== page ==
The St. Petersburg Times reports that claimants along the un-oiled portions of Florida’s Gulf Coast are finally receiving money from the Gulf Coast Claims Facility, as the fund begins issuing final payments.
Because the claims facility could not provide data on how much money has flowed to each county, the article is forced to rely on anecdotes:
In recent weeks, tourism businesses got long-awaited relief: money from the agency administering BP’s $20 billion compensation fund to cover financial losses caused by the spill.
More than 68,000 Florida individuals and businesses have received $992 million so far, says the Gulf Coast Claims Facility. Nearly 20,000 businesses alone were paid $592 million.
The agency couldn’t break out on Wednesday the number of payments in Pinellas. But 5,186 Pinellas residents and businesses filed claims, ninth most among Florida counties. Hillsborough’s 2,689 claimants ranked No. 10 in the state.
The facility had been publishing county-by-county breakdowns of payments as recently as two weeks ago, but the information no longer appears among its published statistics.
I happened to take a look at such a breakdown recently, when Florida Department of Children and Families Secretary George Sheldon said in an interview that he’d been told the fund had paid $60 million along the west coast of the Florida peninsula near the tail end of the emergency claims process, which formally ended the week of Dec. 14.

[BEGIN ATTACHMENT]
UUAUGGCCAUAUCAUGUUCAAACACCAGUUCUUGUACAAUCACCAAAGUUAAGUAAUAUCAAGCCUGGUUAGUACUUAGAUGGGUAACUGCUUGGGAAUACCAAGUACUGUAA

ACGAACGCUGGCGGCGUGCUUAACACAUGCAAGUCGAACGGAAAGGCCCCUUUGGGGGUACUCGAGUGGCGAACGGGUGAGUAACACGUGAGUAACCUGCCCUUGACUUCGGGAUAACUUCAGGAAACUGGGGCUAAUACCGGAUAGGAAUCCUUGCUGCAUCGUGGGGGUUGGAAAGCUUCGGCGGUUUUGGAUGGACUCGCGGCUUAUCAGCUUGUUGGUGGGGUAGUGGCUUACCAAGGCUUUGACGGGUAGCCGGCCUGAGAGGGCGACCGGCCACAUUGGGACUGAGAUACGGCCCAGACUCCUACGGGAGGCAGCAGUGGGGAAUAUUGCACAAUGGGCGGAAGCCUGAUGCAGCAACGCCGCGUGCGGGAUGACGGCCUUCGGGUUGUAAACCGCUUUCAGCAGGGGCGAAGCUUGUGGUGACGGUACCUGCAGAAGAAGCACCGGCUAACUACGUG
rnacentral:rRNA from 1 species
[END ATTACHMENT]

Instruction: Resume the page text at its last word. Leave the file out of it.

As of Dec. 17, the area between Dixie and Monroe counties, stretching along the coast from just below the Big Bend to Key West, has received nearly $150 million since the claims facility took over the payment process from BP in August, according to data I saved at the time.
The lion’s share — some $66 million — has gone to Monroe, where beaches were once expected to be blanketed by tarballs. Pinellas ranked second among those counties, having received just over $35 million.
The other 10 counties in the area accounted for less than half the $150 million total, which pales in comparison to some of the hardest-hit areas of the state. Florida as a whole received just under $1 billion in emergency payments, according to the facility; most of the money went to the western panhandle, where oil did come ashore.
Why is the county-by-county breakdown no longer available? This data would be important for anyone interested in finding out how Floridians are faring, and how claims administrator Kenneth Feinberg is handling so-called proximity claims (those originating from un-oiled parts of the state) as the fund gets set to begin issuing final payments.